that the quantity and breadth of testing, as well as the number and
significance of endpoints assessed would have identified any real or
meaningful hazard. The overwhelming majority of studies showed no
evidence of toxicity. In those few instances where adverse effects were
reported, we found that those effects have not been consistently
reproduced in related studies conducted at higher doses or for longer
durations, as would be expected if the effects were attributable to
irradiation (62 FR 64107 at 64112 to 64114).
\8\ For example, the number of animals used in many of the early
studies is smaller than that commonly used today. Complete
histopathology was not always done or reported. For some studies,
the data are available in only brief summary form. While many of
these studies cannot individually establish safety for the
previously cited reasons, they still provide important information
that, evaluated collectively, supports a conclusion that there is no
reason to believe that the irradiation of flesh foods presents a
Similarly, during the early 1980s, a joint Food and Agriculture
Organization/International Atomic Energy Agency, World Health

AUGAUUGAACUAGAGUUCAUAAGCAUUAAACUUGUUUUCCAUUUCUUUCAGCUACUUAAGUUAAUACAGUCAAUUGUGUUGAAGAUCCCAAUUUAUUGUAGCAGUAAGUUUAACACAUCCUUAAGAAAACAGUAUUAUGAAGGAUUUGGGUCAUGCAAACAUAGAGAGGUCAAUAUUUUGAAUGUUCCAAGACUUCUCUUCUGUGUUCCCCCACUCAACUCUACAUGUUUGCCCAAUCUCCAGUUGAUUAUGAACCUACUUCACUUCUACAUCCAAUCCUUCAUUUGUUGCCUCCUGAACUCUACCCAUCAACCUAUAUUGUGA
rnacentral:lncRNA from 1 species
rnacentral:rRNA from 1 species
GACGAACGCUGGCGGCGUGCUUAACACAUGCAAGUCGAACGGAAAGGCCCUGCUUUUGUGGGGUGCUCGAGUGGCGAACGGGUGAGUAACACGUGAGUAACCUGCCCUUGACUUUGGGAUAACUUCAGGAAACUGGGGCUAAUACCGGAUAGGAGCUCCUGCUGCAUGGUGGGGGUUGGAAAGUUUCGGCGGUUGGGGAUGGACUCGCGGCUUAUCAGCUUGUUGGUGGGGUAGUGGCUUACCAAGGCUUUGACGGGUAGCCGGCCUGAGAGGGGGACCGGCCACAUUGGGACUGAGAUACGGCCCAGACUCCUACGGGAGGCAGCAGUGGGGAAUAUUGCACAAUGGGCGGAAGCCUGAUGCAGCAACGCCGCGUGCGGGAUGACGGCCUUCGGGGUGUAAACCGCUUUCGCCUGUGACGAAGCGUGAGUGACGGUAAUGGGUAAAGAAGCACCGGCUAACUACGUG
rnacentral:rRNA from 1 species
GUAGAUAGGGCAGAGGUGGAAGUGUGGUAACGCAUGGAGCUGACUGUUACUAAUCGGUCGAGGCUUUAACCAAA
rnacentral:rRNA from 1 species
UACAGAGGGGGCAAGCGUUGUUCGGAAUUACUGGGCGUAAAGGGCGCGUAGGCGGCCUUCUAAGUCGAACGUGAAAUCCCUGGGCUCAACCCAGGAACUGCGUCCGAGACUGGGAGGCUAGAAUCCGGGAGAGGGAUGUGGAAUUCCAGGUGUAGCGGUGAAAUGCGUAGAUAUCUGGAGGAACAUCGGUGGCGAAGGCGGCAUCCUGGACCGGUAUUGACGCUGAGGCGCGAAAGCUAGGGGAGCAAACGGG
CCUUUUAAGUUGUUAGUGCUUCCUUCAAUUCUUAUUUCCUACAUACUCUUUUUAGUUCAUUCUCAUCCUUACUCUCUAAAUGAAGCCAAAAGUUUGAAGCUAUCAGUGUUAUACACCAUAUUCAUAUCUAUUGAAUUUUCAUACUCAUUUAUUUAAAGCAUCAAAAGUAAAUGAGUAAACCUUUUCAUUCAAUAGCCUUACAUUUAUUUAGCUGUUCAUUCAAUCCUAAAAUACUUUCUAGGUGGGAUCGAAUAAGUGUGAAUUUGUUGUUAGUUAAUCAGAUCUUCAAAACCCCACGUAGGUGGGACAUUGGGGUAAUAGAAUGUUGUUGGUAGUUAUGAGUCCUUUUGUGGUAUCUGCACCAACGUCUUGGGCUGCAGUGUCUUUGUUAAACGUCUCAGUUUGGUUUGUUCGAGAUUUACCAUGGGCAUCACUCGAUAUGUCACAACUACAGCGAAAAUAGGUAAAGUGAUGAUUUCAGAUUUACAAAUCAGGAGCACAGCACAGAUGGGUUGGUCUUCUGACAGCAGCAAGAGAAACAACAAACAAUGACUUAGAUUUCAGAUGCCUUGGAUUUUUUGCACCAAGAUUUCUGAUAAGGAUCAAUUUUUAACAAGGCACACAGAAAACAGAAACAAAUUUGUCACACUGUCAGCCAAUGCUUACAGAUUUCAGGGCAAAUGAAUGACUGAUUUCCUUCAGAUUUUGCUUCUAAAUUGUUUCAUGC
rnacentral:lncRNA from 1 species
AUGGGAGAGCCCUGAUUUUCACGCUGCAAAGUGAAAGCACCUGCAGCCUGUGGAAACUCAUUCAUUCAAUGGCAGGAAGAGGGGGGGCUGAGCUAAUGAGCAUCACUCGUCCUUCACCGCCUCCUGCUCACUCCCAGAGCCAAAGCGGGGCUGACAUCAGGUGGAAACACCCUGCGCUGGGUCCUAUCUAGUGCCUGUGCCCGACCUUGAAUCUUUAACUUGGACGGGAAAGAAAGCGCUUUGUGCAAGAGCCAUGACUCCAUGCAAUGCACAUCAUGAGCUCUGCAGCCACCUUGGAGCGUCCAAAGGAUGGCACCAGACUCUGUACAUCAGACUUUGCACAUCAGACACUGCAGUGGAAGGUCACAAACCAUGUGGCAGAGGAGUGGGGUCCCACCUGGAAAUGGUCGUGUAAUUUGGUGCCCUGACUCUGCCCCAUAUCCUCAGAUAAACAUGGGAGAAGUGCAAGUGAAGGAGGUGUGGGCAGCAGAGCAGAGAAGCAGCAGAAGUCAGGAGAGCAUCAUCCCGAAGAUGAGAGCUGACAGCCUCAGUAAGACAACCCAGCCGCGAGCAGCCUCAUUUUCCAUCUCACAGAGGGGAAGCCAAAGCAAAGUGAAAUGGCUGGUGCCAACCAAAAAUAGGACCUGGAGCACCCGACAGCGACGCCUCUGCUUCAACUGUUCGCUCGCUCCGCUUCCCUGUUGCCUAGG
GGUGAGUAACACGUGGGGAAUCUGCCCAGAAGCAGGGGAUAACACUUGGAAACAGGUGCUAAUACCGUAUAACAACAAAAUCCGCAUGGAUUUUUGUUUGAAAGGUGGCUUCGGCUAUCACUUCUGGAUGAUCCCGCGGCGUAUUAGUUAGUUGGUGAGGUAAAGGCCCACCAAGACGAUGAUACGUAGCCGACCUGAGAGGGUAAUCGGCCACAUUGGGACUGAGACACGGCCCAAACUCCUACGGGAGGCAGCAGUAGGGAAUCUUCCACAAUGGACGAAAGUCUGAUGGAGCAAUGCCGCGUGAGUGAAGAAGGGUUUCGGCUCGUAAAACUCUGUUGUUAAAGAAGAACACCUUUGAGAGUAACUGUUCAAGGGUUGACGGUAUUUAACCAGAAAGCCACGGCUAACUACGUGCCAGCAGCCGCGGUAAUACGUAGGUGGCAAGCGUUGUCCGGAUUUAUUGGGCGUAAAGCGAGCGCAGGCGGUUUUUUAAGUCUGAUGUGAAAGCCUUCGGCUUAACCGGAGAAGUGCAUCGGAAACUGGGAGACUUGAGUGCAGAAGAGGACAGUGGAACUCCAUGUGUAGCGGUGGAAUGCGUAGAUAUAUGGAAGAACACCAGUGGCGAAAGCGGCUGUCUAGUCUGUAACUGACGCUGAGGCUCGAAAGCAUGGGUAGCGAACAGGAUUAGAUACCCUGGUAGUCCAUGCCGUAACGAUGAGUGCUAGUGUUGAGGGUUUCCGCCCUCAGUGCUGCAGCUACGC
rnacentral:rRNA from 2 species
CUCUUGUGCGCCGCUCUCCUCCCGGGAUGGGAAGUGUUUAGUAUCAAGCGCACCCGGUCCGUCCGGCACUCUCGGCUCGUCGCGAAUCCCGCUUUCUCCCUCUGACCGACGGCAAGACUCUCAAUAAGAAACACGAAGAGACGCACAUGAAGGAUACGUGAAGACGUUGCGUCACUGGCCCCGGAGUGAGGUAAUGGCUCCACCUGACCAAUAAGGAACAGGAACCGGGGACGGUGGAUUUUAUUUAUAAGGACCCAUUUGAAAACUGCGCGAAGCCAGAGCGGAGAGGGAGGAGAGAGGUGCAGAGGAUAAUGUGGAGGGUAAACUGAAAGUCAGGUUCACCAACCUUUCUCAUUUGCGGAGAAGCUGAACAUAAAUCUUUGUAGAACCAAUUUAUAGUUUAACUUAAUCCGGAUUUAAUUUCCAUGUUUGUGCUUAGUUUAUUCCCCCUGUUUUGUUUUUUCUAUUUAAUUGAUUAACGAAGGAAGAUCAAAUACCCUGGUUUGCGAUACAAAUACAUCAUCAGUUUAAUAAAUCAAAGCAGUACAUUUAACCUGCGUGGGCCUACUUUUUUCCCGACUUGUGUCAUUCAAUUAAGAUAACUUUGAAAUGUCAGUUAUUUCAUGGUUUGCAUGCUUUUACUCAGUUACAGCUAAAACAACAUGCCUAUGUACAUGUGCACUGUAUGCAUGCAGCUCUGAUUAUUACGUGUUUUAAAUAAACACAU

Organization (FAO/IAEA/WHO) Expert Committee evaluated the
toxicological and microbiological safety and nutritional adequacy of
irradiated foods. The Expert Committee concluded that irradiation of
any food commodity at an average dose of up to 10 kGy presents no
toxicological hazard (Ref. 30). In the 1990s, at the request of one of
its member states, FAO/IAEA/WHO conducted a new review and analysis of
the safety of data on irradiated foods. This more recent review
included all studies in our files that we considered as reasonably
complete, as well as those studies that appeared to be acceptable but
had deficiencies interfering with the interpretation of the data (62 FR
64107 at 64112). The FAO/IAEA/WHO review also included data from the
Department of Agriculture (USDA) and from the German Federal Research
Centre for Nutrition at Karlsruhe, Germany. FAO/IAEA/WHO concluded that
the integrated toxicological database is sufficiently sensitive to
evaluate safety and that no adverse toxicological effects due to
irradiation were observed in the dose ranges tested (Ref. 31).
Therefore, based on the totality of evidence, we conclude that
irradiation of crustaceans under the conditions proposed in this
petition does not present a toxicological hazard.
C. Nutritional Considerations
It has been well established that the nutritional value of the
macronutrients (proteins, fats, and carbohydrates) in the diet are not